Engaging in physical activity can be a challenge in rural areas, where sidewalks are scarce, fitness facilities are limited, and there’s little access to public transportation. In western Pennsylvania, many residents are confronted with this issue on a daily basis. To combat this, the Pennsylvania Department of Health and the University of Pittsburgh Graduate School of Public Health created WalkWorks, a group-based walking program implemented in six counties: Cambria, Crawford, Greene, McKean, Venango, and Washington.
Local partners for this effort include the following:
- Center for Rural Health Practice at the University of Pittsburgh at Bradford
- Crawford Health Improvement Coalition
- Greene County Human Services
- Conemaugh Memorial Medical Center
- Oil City Area YMCA
- Washington County Health Partners, Inc.
According to program creators, WalkWorks “encourages sustainable physical activity through the built environment, social supports, and healthy lifestyle behaviors.” The initiative focuses on coordinating and maintaining a network of walking groups composed of community members of all ages and abilities, many who have not traditionally engaged in regular exercise. The WalkWorks partners created the program with the understanding that increasing opportunities for physical activity will lead to the adoption and maintenance of more active and healthier long-term habits. “WalkWorks identifies and promotes safe walking routes; establishes guided, community-based walking groups; impacts local policy to increase access to safe walking routes; and helps schools develop walk-to-school programs” says Pennsylvania WalkWorks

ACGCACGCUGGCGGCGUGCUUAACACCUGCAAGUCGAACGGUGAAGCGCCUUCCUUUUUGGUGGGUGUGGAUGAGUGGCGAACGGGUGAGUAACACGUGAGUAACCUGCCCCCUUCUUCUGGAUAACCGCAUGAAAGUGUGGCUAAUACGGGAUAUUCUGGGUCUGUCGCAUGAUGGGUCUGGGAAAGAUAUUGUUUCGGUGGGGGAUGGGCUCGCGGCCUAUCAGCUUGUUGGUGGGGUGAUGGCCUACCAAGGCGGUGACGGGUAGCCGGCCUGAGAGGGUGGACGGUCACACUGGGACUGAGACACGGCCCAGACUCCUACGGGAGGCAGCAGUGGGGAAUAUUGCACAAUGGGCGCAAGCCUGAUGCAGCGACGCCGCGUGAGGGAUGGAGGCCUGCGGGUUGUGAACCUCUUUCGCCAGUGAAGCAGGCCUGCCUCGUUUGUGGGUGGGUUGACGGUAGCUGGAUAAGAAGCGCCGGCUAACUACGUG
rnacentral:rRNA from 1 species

To launch WalkWorks, locations for walking routes/trails were identified, and outdoor kick-off events were held in each community. As an incentive in Greene County, a local insurance provider offered new walking shoes and athletic wear to participants. An extensive media campaign was conducted to market the program and encourage participation.
Twenty-eight walking routes—marked by signage at trail entrances—are included in the WalkWorks network. Walking-group participants receive a packet with registration and trail information, a history of the surrounding area, and maps of each of the routes. And what if weather does not cooperate? Some of the WalkWork partners have created indoor instructor and DVD-based walking programs.
WalkWorks has resulted in the establishment of walking groups throughout the six participating counties. In Greene, 350 students from two elementary schools engaged in The Mileage Club, an in-school program where students track and receive incentives for miles walked. Administrators cite the success of WalkWorks—noting the permanent walking groups created, and the long-term increase in physical activity they have observed with local residents.